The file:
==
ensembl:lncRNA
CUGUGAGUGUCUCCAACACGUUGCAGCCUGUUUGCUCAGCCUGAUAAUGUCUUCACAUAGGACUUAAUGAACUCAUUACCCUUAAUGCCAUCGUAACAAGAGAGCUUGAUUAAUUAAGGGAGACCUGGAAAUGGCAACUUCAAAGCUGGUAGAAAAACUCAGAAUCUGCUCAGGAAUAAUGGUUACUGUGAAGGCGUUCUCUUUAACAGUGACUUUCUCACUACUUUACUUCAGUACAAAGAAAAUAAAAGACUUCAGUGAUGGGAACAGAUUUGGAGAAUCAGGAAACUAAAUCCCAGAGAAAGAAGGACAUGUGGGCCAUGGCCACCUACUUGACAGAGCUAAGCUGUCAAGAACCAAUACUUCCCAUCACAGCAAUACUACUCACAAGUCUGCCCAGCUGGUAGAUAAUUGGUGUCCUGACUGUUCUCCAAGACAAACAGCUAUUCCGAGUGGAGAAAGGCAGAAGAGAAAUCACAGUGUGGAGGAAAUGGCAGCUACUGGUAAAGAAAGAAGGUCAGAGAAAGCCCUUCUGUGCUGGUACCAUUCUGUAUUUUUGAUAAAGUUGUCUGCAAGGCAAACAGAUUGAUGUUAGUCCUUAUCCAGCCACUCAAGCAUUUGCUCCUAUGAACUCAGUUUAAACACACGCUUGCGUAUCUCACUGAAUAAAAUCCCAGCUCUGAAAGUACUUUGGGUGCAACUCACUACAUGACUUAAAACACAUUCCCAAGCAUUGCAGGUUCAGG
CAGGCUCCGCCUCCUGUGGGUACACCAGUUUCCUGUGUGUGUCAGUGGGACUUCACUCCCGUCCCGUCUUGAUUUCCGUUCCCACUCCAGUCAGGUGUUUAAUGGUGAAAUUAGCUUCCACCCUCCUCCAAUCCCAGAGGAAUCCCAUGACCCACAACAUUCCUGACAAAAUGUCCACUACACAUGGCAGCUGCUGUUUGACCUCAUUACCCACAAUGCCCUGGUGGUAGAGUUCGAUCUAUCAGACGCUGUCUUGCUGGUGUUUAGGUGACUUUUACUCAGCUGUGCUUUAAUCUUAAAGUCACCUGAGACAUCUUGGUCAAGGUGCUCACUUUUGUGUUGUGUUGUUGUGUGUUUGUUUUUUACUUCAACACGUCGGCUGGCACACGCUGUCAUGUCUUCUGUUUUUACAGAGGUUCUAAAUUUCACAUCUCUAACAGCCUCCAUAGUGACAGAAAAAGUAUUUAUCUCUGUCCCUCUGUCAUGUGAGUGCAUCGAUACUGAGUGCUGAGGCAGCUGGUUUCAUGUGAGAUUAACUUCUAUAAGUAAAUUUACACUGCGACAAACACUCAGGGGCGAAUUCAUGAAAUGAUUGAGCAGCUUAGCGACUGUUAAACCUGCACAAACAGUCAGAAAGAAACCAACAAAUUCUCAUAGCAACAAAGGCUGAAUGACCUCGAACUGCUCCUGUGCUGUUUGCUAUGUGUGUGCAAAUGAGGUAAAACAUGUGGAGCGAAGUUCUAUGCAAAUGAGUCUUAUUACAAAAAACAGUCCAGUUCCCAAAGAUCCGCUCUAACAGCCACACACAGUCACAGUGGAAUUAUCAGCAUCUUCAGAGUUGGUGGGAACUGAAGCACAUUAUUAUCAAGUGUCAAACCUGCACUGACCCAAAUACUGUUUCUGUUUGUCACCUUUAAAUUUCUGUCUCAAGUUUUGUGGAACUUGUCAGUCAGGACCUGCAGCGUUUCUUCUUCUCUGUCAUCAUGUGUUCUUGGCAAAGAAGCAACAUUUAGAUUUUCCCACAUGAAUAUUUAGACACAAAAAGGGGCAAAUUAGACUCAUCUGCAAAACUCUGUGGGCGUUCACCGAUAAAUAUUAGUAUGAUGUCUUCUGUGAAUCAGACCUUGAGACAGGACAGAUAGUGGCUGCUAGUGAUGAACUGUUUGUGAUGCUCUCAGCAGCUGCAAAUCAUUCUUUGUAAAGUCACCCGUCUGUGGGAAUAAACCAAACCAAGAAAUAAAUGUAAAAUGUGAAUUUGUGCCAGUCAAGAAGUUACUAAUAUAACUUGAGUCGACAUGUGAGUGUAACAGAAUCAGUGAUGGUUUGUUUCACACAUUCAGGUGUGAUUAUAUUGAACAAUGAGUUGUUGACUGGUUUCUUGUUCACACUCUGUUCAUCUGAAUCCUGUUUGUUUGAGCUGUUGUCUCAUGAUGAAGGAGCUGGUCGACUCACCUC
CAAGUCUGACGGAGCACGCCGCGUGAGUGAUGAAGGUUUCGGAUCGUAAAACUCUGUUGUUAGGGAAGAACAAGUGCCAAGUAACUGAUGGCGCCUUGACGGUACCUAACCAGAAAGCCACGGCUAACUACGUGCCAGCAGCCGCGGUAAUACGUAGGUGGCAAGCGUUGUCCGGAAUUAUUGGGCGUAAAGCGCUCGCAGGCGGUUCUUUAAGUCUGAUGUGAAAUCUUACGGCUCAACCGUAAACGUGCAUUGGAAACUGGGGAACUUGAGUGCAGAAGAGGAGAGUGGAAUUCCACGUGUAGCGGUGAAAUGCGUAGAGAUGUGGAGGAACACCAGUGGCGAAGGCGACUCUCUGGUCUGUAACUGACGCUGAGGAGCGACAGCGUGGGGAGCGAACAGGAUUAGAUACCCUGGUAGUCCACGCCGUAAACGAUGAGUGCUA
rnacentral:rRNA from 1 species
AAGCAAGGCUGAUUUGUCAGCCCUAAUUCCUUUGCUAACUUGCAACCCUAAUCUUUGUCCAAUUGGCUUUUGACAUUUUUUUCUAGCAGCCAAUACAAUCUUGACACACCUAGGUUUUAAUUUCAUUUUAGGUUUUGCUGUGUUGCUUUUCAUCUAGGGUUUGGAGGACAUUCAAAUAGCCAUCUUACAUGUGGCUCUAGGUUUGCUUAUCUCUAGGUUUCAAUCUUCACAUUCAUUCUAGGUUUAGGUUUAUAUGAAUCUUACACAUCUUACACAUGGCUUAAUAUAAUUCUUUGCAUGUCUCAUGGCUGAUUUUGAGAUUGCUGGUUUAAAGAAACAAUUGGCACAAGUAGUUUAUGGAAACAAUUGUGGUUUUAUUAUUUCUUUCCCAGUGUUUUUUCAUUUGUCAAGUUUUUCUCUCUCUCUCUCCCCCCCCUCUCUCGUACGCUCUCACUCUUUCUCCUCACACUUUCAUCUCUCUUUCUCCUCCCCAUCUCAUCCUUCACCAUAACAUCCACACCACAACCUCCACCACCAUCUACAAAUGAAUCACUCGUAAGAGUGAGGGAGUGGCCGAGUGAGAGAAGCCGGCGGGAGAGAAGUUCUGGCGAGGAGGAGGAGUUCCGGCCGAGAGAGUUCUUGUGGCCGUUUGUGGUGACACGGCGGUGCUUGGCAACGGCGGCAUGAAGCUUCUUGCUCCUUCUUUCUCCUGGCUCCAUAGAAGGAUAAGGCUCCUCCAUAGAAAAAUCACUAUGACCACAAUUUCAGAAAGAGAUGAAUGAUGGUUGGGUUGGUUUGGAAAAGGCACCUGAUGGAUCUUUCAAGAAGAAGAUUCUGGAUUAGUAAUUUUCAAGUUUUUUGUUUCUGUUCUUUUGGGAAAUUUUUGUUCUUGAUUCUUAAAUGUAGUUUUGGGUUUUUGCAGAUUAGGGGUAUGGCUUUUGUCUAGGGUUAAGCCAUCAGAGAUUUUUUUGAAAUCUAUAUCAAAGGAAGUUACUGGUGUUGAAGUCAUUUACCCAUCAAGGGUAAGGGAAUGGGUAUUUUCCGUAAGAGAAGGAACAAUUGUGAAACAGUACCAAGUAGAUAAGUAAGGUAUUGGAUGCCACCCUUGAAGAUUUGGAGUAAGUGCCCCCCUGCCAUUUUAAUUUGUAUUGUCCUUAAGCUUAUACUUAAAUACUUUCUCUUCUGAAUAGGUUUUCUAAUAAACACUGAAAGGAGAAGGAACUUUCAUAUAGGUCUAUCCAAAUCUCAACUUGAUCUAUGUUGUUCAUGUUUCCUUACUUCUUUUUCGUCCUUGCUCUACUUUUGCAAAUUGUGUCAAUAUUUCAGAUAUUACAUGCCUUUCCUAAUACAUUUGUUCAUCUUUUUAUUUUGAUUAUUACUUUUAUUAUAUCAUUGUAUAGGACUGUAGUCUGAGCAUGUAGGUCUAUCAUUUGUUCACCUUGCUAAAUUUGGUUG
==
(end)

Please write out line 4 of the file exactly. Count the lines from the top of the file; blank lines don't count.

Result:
CAAGUCUGACGGAGCACGCCGCGUGAGUGAUGAAGGUUUCGGAUCGUAAAACUCUGUUGUUAGGGAAGAACAAGUGCCAAGUAACUGAUGGCGCCUUGACGGUACCUAACCAGAAAGCCACGGCUAACUACGUGCCAGCAGCCGCGGUAAUACGUAGGUGGCAAGCGUUGUCCGGAAUUAUUGGGCGUAAAGCGCUCGCAGGCGGUUCUUUAAGUCUGAUGUGAAAUCUUACGGCUCAACCGUAAACGUGCAUUGGAAACUGGGGAACUUGAGUGCAGAAGAGGAGAGUGGAAUUCCACGUGUAGCGGUGAAAUGCGUAGAGAUGUGGAGGAACACCAGUGGCGAAGGCGACUCUCUGGUCUGUAACUGACGCUGAGGAGCGACAGCGUGGGGAGCGAACAGGAUUAGAUACCCUGGUAGUCCACGCCGUAAACGAUGAGUGCUA